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Hi Guys, I bought the bike and the salesman who races WERA stated to run 34 front and 32 rear. Is this a good pressure to run. Book states more. Will running these pressures cause premature wear ??? & less grip ???
 

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Chubby Chaser
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10 lbs less in the back?

That might be a little too low. You may get grip in hard straight line acceleration, but I think your handling will suffer a bit.
 

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The manufacturer's specified pressure is for sustained running at max speed with max load. So, unless you're going to cruise at a steady 170 with a passenger on the back, you don't need nearly as much air as that.

For riding hard in the twisties, I run 32/32. For "normal" riding, 34/34. For road trips on the highway, 34/36.

Also, just FYI, the California Superbike School (i.e. Keith Code school) uses street compound tires on the student bikes (Dunlop D208ZR last time I checked), and they run 32/32 in those for the students' track use.
 

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For normal everyday riding use 36/42 for best tire life. When you have something to prove in the twisties go 32/32. For sustained high speed runs use 34/42 or your rear tire will melt.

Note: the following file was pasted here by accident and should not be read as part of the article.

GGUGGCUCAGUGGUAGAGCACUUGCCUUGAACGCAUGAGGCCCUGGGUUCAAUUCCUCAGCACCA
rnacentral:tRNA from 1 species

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Overinflation is not as bad for the tire as underinflation, but it's still bad.

And since 36/42 is for max load at max speed, 42 in the rear is going to be overinflated for anybody of reasonably normal weight. Riding an overinflated tire reduces the contact patch size to being too small. That concentrates the power you're putting down into too small an area, which will tear the tire up quicker.

I once got 12K miles out of a rear tire on my '98 ZX9 using 36 - 38 psi.
 

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I was wondering the same thing, only for the track as I have a track day coming up this Sunday. Here's the response on some baseline settings for the BT014's from a Bridgestone rep (this is for running on the track, not recommended for the street):

>>I would start at 29psi rear and 31psi front and work from there.
>>Tire pressure is usually a matter of taste on the track.
>>
>>Norris "T.J." Tennent
>>Product Manager/Motorcycle, Kart, Fuzion
>>Bridgestone/Firestone, Inc.
 
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